A recent piece by Chen Feng, a popular freelance foreign and current affairs columnist, attracted over 500,000 visitors within twenty-four hours of his write-up on the Xi-Biden talks in Bali. Titled “At the G20 Biden quietly admitted..,” the article noted that the two leaders meeting in Bali is being viewed as a “turning point in Sino-US relations,” but this meeting is more meaningful to the US and not so important to China. “After the Bali summit, the US will not only not change its ways, it will continue to act as a demon,” Chen Feng wrote. Jin Canrong, an IR professor from Beijing’s Renmin University echoing Chen Feng’s views said,the overall thinking of the US remains unchanged and Sino-US relations are still defined by competition.

Jin acknowledged that both Xi and Biden emerged stronger from a major domestic political event respectivelywhen they met in Bali.“But Biden is fully aware that the United States does not have a 100 % chance of winning in a real conflict with China,” he quipped. A similar positive tone was reflected in the Global Times commentary a day after the bilateral meeting on the sidelines in Bali. Remember, the English language semi-official Chinese daily is known in the international press for its “nationalist, hawkish” position on China’s foreign policy in general and on Sino-US relations in particular. Citing the official Xinhua news agency, the Global Times hailed the outcome of the Xi-Biden summit as timely as the world seeks more certainty and injects a certain degree of positivity into troubled China-US bilateral relations.

Time for China to reconsider the US imperial strategy 

Dismissing the above think tank and media assessments as status quo and pro-establishment views, the fanmeipai – mainly comprising of the leftists, has been unsparingly and disdainfully critical of the “Cold War warrior” Biden and the US hegemony. Interestingly, the frequency and intensity of the use of terms such as “US imperialist strategy” and “US hegemony” reflected in the leftist discourse on China’s foreign policy have been increasing in recent years, especially since the trade war unleashed under President Trump.

In a recent article, a well-known commentator who is widely popular among a wide range of leftist digital platforms, Zhang Zhikun, severely criticsvarious “pro-US” Chinese think tanks, mainstream media, and political elite for failing to objectively evaluate and assess outstanding issues, particularly in the Sino-US relations, and how US-China “strategic competition” will unfold in the coming years. The article laments these experts for casually treating the US strategic challenges targeting China such as the Obama-Hilary Clinton initiated “Asia Pivot Policy” and the “Indo-Pacific strategy” first carried out by the Trump administration and which is now an integral component of US security strategy under the Biden administration.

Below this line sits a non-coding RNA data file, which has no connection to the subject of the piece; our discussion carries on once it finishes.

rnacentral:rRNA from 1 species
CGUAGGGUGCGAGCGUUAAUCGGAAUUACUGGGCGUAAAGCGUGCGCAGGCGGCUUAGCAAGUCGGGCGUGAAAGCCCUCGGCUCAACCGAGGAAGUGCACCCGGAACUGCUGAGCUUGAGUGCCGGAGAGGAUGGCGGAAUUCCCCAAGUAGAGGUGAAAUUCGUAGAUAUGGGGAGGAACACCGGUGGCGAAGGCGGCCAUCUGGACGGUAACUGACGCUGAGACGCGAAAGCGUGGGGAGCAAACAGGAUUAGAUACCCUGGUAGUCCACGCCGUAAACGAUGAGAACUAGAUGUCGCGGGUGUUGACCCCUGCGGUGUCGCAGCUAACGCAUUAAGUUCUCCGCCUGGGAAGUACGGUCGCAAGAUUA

Additionally, the leftists in China further reject the “pro-US” thinking on the grounds that such views fail to comprehend the ideological forces driving the US strategy to safeguard its global hegemony. The leftist foreign policy discourse in China lays emphasis on the following factors in highlighting the failure of the so-called pundits to politically correctly analyze the US hegemonic strategy. First, they underestimate the determination of the imperialist US strategy to contain China and instead, pin hopes on a sudden turnaround or transformation in the US attitude toward China; second, they underestimate the strategic flexibility of the US hegemony to encircle and suppress China; third, they grossly underestimate the insidious and cunning deception of the US hegemonic strategy and they hope these contradictions can be resolved by reaching out to America (aka through compromise).

To sum up, it is important to understand, all three mutually contesting rival Chinese viewpoints pertaining to China’s foreign policy discourse on Sino-US relations uphold the spirit of the work report presented by general secretary Xi at the 20th CPC party congress. It is therefore pertinent to refer to the Financial Times editorial which is an attempt to explain what did Biden mean when he pledged in Bali to “manage” the economic war with China? According to the FT edit, what Biden meant was that “further decoupling with China was inevitable.”No wonder, a well-known leftist scholar,in a commentary evaluating the Bali meeting, while urging the CPC leadership to reconsider China’s US policy commented: “Taiwan or no Taiwan issue, the US regards China as a strategic competitor because China is the biggest obstacle as well as the threat to its [the US] hegemony.”

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The views expressed are of the author and do not necessarily represent the opinions or policies of the Indian Defence Review.

About the Author

Hemant Adlakha

is professor of Chinese, Jawaharlal Nehru University in New Delhi. He is also vice chairperson and an Honorary Fellow, Institute of Chinese Studies (ICS), Delhi.